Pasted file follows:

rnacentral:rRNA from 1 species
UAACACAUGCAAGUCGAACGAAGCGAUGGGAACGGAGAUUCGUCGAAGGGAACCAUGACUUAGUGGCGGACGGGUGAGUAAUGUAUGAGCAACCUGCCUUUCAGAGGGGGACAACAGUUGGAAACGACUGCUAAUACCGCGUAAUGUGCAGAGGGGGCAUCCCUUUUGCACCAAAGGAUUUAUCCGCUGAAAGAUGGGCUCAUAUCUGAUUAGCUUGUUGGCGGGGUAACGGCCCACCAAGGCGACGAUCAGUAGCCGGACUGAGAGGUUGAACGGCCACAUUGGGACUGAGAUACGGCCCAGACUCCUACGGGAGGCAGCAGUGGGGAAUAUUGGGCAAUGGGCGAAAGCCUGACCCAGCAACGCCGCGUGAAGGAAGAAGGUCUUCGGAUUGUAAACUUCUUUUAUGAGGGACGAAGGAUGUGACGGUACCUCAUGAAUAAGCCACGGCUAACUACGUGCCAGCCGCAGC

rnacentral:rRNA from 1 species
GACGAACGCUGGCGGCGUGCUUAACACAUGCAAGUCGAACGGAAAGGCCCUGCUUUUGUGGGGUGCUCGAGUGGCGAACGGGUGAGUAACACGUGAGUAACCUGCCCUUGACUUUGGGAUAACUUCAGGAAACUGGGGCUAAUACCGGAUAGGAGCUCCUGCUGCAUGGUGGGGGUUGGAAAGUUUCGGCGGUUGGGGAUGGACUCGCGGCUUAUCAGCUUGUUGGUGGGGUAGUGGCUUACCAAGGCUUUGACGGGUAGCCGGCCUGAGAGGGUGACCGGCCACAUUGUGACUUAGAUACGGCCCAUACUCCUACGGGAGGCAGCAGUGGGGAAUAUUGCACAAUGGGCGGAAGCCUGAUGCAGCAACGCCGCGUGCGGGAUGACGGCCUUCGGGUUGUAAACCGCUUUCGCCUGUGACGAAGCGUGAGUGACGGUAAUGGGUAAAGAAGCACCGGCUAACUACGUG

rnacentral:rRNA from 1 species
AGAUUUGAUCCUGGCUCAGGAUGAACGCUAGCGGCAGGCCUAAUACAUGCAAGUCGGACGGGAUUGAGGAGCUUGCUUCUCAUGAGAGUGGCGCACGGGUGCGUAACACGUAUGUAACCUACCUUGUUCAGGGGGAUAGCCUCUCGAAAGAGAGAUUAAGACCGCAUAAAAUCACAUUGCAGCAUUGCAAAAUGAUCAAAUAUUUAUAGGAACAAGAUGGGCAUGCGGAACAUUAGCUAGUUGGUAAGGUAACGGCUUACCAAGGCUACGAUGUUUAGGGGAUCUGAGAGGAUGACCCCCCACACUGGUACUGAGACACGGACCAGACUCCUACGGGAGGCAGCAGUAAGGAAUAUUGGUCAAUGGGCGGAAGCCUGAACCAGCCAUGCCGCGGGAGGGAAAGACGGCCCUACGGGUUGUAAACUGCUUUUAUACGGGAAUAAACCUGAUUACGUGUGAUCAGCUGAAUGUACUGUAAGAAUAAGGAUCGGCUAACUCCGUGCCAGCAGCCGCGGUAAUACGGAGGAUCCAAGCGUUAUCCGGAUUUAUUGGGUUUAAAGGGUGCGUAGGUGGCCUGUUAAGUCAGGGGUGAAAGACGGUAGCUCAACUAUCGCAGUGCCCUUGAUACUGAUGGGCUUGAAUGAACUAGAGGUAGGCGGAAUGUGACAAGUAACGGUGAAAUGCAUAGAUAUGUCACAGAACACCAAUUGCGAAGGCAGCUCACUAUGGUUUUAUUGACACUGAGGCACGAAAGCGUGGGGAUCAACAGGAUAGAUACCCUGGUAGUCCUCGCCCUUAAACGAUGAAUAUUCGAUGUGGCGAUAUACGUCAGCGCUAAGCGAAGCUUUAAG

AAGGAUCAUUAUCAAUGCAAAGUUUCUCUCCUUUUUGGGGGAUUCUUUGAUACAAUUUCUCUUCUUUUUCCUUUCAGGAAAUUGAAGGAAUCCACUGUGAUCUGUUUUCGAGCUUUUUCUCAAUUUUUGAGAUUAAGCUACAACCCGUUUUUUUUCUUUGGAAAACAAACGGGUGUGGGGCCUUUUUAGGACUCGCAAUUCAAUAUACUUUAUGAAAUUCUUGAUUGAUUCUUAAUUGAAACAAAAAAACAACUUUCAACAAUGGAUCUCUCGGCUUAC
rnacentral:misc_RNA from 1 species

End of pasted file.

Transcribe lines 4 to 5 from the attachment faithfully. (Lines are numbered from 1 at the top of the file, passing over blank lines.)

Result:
GACGAACGCUGGCGGCGUGCUUAACACAUGCAAGUCGAACGGAAAGGCCCUGCUUUUGUGGGGUGCUCGAGUGGCGAACGGGUGAGUAACACGUGAGUAACCUGCCCUUGACUUUGGGAUAACUUCAGGAAACUGGGGCUAAUACCGGAUAGGAGCUCCUGCUGCAUGGUGGGGGUUGGAAAGUUUCGGCGGUUGGGGAUGGACUCGCGGCUUAUCAGCUUGUUGGUGGGGUAGUGGCUUACCAAGGCUUUGACGGGUAGCCGGCCUGAGAGGGUGACCGGCCACAUUGUGACUUAGAUACGGCCCAUACUCCUACGGGAGGCAGCAGUGGGGAAUAUUGCACAAUGGGCGGAAGCCUGAUGCAGCAACGCCGCGUGCGGGAUGACGGCCUUCGGGUUGUAAACCGCUUUCGCCUGUGACGAAGCGUGAGUGACGGUAAUGGGUAAAGAAGCACCGGCUAACUACGUG

rnacentral:rRNA from 1 species